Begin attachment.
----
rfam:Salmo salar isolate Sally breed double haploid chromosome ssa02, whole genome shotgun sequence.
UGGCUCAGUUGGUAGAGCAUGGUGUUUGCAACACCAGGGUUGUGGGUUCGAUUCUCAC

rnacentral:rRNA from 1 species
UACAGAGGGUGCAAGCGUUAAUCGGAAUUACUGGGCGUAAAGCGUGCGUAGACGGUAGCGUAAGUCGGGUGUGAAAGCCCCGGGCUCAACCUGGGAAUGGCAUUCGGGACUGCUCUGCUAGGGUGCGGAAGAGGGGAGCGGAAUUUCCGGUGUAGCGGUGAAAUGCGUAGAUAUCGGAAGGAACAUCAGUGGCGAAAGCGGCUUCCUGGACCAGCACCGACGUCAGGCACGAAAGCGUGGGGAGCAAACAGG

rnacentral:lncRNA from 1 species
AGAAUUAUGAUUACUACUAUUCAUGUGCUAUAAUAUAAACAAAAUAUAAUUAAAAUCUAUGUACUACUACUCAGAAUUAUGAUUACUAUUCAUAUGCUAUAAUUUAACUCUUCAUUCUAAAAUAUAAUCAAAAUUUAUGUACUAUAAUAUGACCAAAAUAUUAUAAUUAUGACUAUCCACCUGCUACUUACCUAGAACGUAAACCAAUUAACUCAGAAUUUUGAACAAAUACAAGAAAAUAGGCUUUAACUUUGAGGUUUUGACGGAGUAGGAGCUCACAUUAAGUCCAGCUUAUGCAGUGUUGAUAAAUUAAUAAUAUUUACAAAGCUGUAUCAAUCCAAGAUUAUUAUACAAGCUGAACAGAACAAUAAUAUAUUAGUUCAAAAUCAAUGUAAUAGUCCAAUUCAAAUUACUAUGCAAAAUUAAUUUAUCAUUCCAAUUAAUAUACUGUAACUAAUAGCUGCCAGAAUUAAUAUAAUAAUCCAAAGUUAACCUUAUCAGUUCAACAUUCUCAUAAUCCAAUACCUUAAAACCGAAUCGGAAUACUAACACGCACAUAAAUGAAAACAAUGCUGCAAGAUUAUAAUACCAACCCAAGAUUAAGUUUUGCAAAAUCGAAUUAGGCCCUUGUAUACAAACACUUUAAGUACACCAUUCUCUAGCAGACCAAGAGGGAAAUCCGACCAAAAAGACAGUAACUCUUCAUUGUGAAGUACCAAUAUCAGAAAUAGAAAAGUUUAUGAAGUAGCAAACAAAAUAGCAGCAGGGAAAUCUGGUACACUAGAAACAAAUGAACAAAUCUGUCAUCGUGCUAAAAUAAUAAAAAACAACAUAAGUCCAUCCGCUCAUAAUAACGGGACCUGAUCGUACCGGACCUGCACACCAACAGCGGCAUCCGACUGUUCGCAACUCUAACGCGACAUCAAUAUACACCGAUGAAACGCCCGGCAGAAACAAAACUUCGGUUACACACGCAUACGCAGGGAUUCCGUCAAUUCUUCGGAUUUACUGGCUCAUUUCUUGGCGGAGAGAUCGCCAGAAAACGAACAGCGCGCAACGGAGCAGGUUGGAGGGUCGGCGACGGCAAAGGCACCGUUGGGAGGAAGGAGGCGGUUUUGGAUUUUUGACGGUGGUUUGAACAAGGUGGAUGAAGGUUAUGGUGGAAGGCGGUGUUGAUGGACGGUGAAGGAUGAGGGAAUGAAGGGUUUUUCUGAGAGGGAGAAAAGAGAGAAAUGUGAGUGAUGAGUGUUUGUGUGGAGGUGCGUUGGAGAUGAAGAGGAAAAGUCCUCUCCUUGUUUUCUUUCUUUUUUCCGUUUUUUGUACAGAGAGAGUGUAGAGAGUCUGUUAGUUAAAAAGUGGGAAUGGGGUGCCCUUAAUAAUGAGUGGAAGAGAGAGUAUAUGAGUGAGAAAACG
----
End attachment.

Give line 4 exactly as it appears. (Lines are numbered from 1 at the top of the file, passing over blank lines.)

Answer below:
UACAGAGGGUGCAAGCGUUAAUCGGAAUUACUGGGCGUAAAGCGUGCGUAGACGGUAGCGUAAGUCGGGUGUGAAAGCCCCGGGCUCAACCUGGGAAUGGCAUUCGGGACUGCUCUGCUAGGGUGCGGAAGAGGGGAGCGGAAUUUCCGGUGUAGCGGUGAAAUGCGUAGAUAUCGGAAGGAACAUCAGUGGCGAAAGCGGCUUCCUGGACCAGCACCGACGUCAGGCACGAAAGCGUGGGGAGCAAACAGG